Snake Roll

The snake roll is a downstream side cast often used as a replacement for a double Spey cast. However it needs more room or clearance behind than a double Spey cast.

It is a 'loop the loop' type of cast where the line is raised high in a circular motion and then swept back under itself, the end flipping round to land in the water in line with the final delivery direction. The curved lift, if used,
always starts in towards your own bank as an in swing, clockwise on the left bank, anti clockwise on the right bank. Usually a single large circular or perhaps elliptical shaped loop is used. There are variations where two or three loops may be formed. While it needs more clearance room behind than a Double Spey, it is a very efficient cast with only one line set up move before the final delivery.
Snake rolls should be either formed with the rod at 90 degrees to the side of the angler, or a long pull out should be made when forming the D loop so that the Anchor lines up with the final delivery direction.

It is very important for safety reasons that the rod tip is kept well out to the side and away from the angler as the initial lift and elliptical loop is made and only when the powered pull back out of the aerialised loop into the finishing D loop forming move is made should the rod be allowed to tilt in close to the angler.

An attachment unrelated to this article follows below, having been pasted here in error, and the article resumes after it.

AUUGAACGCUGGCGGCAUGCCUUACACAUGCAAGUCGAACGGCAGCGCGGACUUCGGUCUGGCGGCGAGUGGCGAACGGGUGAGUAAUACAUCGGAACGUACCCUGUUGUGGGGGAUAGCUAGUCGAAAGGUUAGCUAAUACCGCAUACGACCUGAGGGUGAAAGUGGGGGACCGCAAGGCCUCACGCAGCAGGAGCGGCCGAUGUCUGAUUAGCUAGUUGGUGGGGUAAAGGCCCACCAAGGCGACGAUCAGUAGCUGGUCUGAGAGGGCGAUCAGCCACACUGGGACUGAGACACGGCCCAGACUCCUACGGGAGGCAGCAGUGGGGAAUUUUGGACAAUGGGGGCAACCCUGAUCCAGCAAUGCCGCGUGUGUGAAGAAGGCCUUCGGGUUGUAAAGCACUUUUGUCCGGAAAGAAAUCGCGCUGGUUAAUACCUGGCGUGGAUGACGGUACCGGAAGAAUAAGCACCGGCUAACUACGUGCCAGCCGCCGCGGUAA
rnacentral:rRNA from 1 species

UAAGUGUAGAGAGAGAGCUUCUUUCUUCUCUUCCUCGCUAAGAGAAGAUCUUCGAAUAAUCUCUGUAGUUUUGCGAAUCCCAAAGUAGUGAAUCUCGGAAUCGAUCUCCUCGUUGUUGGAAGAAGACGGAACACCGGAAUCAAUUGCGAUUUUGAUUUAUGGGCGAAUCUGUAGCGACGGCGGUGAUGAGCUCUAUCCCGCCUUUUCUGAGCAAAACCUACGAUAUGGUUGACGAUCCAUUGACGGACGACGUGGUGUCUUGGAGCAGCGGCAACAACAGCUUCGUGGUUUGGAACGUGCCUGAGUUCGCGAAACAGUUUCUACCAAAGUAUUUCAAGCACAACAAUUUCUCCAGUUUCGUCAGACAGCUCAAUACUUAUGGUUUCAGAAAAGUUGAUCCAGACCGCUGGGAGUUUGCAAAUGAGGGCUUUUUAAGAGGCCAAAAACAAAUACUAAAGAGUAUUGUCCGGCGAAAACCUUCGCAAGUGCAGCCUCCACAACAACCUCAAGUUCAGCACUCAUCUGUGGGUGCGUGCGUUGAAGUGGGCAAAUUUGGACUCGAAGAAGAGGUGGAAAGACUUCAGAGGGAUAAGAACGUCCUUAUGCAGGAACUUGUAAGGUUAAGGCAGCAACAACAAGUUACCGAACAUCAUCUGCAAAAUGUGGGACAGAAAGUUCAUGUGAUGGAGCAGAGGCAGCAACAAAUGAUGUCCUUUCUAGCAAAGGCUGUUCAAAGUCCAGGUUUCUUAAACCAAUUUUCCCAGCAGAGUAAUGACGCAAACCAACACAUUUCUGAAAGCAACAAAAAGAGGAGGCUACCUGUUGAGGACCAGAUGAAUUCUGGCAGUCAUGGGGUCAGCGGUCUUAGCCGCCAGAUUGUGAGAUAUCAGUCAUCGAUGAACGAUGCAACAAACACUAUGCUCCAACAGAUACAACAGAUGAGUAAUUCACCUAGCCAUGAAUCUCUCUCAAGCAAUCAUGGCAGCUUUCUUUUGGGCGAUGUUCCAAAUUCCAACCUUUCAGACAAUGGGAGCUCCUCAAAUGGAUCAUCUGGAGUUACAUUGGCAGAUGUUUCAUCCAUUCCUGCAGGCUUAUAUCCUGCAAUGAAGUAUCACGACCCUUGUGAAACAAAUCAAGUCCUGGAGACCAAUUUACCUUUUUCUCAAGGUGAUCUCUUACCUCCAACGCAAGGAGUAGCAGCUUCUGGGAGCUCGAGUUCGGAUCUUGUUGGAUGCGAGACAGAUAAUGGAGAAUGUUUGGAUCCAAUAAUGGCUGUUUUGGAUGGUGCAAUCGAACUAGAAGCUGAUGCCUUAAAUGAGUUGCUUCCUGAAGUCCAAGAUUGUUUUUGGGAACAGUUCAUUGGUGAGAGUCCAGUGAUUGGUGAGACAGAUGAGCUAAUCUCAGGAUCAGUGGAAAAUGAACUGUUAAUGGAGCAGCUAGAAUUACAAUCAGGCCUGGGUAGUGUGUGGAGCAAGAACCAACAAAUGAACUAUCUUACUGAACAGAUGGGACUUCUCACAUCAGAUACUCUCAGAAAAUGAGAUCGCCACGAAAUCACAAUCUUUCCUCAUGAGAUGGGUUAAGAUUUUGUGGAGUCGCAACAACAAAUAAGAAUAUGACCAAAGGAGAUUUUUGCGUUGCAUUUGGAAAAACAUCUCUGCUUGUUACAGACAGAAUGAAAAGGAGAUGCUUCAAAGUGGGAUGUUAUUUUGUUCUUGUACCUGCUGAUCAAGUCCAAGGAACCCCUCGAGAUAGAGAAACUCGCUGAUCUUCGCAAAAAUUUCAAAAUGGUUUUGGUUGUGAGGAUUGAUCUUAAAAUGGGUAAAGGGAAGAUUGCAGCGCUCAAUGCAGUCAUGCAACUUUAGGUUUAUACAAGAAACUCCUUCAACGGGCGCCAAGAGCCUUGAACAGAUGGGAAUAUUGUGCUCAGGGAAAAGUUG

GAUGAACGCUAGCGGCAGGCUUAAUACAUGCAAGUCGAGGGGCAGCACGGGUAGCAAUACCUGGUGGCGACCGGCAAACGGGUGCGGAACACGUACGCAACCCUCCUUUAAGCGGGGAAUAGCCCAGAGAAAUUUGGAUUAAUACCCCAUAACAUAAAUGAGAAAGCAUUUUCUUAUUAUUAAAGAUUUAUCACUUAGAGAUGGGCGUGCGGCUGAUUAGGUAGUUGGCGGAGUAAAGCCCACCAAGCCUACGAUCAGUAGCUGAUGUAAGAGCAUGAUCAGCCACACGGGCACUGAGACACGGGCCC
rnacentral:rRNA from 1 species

An upstream side, single loop snake roll cast may be executed but this cast is rarely used. In this instance the lift on the left bank is anti clockwise and on the right bank clockwise but the rod is moved round from downstream to upstream as re alignment of the body takes place. Another variant with a final D loop placed on the upstream side uses multiple small loops formed (usually three) so that they are rolling out over the river and moving upstream slightly, made in a clockwise direction on the left bank, anti clockwise on the right bank. Then a change of direction is made with the rod sweeping back upstream to form the D loop.